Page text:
Following the impulse: Anna Krien on ‘Act of Grace’
Almost a decade in the making, Anna Krien’s debut novel, Act of Grace (Black Inc., October), is described by reviewer Brad Jefferies as ‘an ambitious and compelling study of trauma’. He spoke to the author.
You worked on Act of Grace for almost a decade. Can you talk about how you came to write the book, and how the finished novel differs from the project you first set out to write?
I had two babies in quick succession—one during and the next one after the writing of Night Games (Black Inc.)—and I knew I wouldn’t be able to disappear for weeks on end doing reportage while they were little, so I figured now was the time to focus on my fiction. Because babies are so easy. They are such thoughtful and considerate creatures. Seriously, I had no idea. But jokes aside, I think I needed the time regardless. Having been so immersed in journalism, in facts, fairness and scrutiny, it did feel as though my fiction ‘muscle’ had been wasting away. It took a while to get used to the new rhythm of writing and trust how the characters, their worlds and narratives revealed themselves to the page.
Act of Grace today is unrecognisable from its first incarnation. It was originally going to be a collection of short stories, but the stories got longer, and the characters kept reappearing, evolving and delivering. The characters went places too, places I had not intended to write about, and I’m glad I followed those impulses.
The title Act of Grace refers to a literal act in the novel, as well as hinting at some of the book’s broader themes of inheritance and trauma. Can you talk about what this phrase means?
The title Act of Grace refers to payments made by the Australian military in Iraq to victims or families of victims who have been harmed by personnel—such as being caught in crossfire or mistakenly shot at checkpoints. While these payments have to be approved by the department, they are—for the most part—discrete and secret. By 2007, $266,680 had been paid out to Iraqi civilians in act of grace payments since the Australian Defence Force began its operations in Iraq. I first learned about these payments from an Australian soldier who’d been in Iraq and involved in an incident that was followed up with an act of grace. The name struck me, in particular, for its duplicity, a kind of bureaucratic gaslighting. For surely if there were to be any grace in such a scenario, it would come from the victim, or the victim’s family. Is this how history is written, I wondered: with subtle inversions of meaning where the armed and uninvited are suddenly recast as gracious?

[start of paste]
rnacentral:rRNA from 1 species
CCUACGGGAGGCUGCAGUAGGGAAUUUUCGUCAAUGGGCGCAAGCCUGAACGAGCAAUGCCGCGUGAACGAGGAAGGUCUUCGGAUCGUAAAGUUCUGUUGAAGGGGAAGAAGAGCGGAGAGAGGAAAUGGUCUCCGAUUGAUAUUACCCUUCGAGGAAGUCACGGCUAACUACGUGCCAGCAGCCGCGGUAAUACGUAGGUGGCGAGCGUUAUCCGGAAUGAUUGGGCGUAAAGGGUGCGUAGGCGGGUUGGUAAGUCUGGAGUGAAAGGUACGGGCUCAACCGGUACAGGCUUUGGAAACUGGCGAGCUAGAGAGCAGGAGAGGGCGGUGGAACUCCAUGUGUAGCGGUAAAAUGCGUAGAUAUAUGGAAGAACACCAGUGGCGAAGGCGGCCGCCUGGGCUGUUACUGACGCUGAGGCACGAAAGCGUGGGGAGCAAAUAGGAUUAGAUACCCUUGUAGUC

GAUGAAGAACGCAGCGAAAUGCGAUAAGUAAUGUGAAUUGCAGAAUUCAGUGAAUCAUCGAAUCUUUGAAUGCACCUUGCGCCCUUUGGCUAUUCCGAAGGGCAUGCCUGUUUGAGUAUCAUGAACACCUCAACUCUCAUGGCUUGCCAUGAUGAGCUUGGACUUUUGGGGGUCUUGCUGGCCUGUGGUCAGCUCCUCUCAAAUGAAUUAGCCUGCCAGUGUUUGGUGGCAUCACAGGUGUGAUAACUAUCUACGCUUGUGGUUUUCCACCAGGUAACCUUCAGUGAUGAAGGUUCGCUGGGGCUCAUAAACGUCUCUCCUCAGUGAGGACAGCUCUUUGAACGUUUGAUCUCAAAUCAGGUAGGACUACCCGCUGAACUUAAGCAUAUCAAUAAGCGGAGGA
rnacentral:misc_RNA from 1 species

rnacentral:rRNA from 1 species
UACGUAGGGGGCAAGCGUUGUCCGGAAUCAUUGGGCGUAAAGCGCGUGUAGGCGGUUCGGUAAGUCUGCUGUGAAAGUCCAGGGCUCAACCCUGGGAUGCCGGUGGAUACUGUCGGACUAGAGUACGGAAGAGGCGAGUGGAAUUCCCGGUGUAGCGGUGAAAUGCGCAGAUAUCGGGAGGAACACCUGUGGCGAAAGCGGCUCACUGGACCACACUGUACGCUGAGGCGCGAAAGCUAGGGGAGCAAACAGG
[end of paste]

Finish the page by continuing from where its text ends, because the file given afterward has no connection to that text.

What inspired you to write from the perspectives of a set of diverse characters? What steps did you take to ensure you accurately and sensitively captured these characters’ voices?
To be honest, it felt natural to develop these characters, none of them felt forced or pre-planned. If anything, it was that impetus I had to question—are these nuanced characters or have I just dug up some caricatures that have been lazily lying around in my consciousness? I did my research and drew on the characteristics and complexities of people I have met over the years. I didn’t ask for permission to write about different places, people and ethnicities, though there were times I thought to myself, Bloody hell, Anna (or Robbie, the character who was often leading the charge), don’t go there. You’re going to get slammed. But I did. I guess that is a similarity between my journalism and my fiction.
Are you working on anything new—fiction or otherwise?
Of course! There’s an essay on the front burner, scraps of dialogue and ideas for a novel on the backburner, and on the other two burners some children’s stories and an advocacy idea I’m toying around with. However, as my family will gladly tell you, I’m a very bad cook, easily anxious and renowned for burning frypans into charred beasts and baking flat cakes. I’m best if I just cook one thing at a time.
What was the last book you read and loved?
I’m embarrassingly late to the party on this, but I just finished The Power by Naomi Alderman (Penguin). What a visceral and provocative novel. Sharp to the very end, it has stayed in my thoughts, small comparisons regularly arising in day-to-day life.